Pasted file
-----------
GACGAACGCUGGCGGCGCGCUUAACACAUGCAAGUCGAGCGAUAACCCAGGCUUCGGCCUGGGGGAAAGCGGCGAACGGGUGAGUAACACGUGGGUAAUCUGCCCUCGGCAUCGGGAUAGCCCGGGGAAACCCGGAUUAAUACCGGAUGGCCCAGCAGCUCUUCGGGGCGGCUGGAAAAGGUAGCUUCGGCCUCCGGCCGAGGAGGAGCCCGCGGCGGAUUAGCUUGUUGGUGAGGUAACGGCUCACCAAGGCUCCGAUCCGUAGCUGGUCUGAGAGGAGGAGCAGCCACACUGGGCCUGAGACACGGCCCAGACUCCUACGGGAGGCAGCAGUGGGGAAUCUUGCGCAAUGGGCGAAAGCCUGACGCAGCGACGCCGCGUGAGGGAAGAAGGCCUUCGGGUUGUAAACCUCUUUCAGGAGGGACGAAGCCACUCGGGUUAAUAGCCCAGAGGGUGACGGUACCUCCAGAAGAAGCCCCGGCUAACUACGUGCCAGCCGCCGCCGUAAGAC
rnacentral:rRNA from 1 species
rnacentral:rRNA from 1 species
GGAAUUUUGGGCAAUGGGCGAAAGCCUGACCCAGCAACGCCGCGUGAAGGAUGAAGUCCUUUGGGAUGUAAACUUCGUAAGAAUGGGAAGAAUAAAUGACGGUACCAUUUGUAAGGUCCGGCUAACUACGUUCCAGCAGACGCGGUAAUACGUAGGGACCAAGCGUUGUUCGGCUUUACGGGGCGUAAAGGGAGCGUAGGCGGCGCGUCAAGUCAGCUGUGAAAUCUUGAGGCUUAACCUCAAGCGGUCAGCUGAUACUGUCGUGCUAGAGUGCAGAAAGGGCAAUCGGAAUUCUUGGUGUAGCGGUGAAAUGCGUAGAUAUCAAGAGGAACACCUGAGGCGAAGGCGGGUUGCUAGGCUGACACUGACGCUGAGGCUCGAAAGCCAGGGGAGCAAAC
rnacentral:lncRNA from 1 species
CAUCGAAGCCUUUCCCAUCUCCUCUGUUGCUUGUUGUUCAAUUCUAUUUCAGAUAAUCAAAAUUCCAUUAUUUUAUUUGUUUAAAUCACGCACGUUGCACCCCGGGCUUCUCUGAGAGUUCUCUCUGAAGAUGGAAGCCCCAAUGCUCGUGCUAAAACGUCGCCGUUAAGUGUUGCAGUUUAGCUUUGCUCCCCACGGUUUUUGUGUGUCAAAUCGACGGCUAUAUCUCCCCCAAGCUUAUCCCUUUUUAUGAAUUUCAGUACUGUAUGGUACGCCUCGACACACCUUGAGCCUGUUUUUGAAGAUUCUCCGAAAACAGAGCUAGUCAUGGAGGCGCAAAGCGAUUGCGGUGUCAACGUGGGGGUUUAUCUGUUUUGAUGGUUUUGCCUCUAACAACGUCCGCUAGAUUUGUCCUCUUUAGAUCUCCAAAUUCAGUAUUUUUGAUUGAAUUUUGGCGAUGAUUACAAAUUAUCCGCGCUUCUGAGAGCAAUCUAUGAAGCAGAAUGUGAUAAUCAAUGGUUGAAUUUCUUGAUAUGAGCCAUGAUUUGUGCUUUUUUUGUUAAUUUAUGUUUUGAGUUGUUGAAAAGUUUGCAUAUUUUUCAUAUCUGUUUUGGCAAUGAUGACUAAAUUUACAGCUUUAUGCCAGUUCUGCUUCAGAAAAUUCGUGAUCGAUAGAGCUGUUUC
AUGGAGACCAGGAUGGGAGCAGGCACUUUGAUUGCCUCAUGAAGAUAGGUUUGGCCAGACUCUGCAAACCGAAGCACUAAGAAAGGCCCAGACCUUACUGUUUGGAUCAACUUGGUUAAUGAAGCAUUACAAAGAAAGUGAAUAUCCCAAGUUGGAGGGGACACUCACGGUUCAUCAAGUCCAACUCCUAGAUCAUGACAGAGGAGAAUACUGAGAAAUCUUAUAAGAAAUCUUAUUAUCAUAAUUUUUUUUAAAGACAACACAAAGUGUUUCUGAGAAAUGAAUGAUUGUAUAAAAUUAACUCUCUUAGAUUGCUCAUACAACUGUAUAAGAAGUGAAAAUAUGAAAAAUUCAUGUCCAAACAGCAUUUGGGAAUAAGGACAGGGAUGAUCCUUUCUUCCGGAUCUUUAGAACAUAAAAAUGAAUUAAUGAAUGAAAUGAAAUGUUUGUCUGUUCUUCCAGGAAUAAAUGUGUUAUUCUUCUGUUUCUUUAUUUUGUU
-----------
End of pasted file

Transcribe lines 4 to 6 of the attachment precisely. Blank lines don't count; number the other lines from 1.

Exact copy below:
GGAAUUUUGGGCAAUGGGCGAAAGCCUGACCCAGCAACGCCGCGUGAAGGAUGAAGUCCUUUGGGAUGUAAACUUCGUAAGAAUGGGAAGAAUAAAUGACGGUACCAUUUGUAAGGUCCGGCUAACUACGUUCCAGCAGACGCGGUAAUACGUAGGGACCAAGCGUUGUUCGGCUUUACGGGGCGUAAAGGGAGCGUAGGCGGCGCGUCAAGUCAGCUGUGAAAUCUUGAGGCUUAACCUCAAGCGGUCAGCUGAUACUGUCGUGCUAGAGUGCAGAAAGGGCAAUCGGAAUUCUUGGUGUAGCGGUGAAAUGCGUAGAUAUCAAGAGGAACACCUGAGGCGAAGGCGGGUUGCUAGGCUGACACUGACGCUGAGGCUCGAAAGCCAGGGGAGCAAAC
rnacentral:lncRNA from 1 species
CAUCGAAGCCUUUCCCAUCUCCUCUGUUGCUUGUUGUUCAAUUCUAUUUCAGAUAAUCAAAAUUCCAUUAUUUUAUUUGUUUAAAUCACGCACGUUGCACCCCGGGCUUCUCUGAGAGUUCUCUCUGAAGAUGGAAGCCCCAAUGCUCGUGCUAAAACGUCGCCGUUAAGUGUUGCAGUUUAGCUUUGCUCCCCACGGUUUUUGUGUGUCAAAUCGACGGCUAUAUCUCCCCCAAGCUUAUCCCUUUUUAUGAAUUUCAGUACUGUAUGGUACGCCUCGACACACCUUGAGCCUGUUUUUGAAGAUUCUCCGAAAACAGAGCUAGUCAUGGAGGCGCAAAGCGAUUGCGGUGUCAACGUGGGGGUUUAUCUGUUUUGAUGGUUUUGCCUCUAACAACGUCCGCUAGAUUUGUCCUCUUUAGAUCUCCAAAUUCAGUAUUUUUGAUUGAAUUUUGGCGAUGAUUACAAAUUAUCCGCGCUUCUGAGAGCAAUCUAUGAAGCAGAAUGUGAUAAUCAAUGGUUGAAUUUCUUGAUAUGAGCCAUGAUUUGUGCUUUUUUUGUUAAUUUAUGUUUUGAGUUGUUGAAAAGUUUGCAUAUUUUUCAUAUCUGUUUUGGCAAUGAUGACUAAAUUUACAGCUUUAUGCCAGUUCUGCUUCAGAAAAUUCGUGAUCGAUAGAGCUGUUUC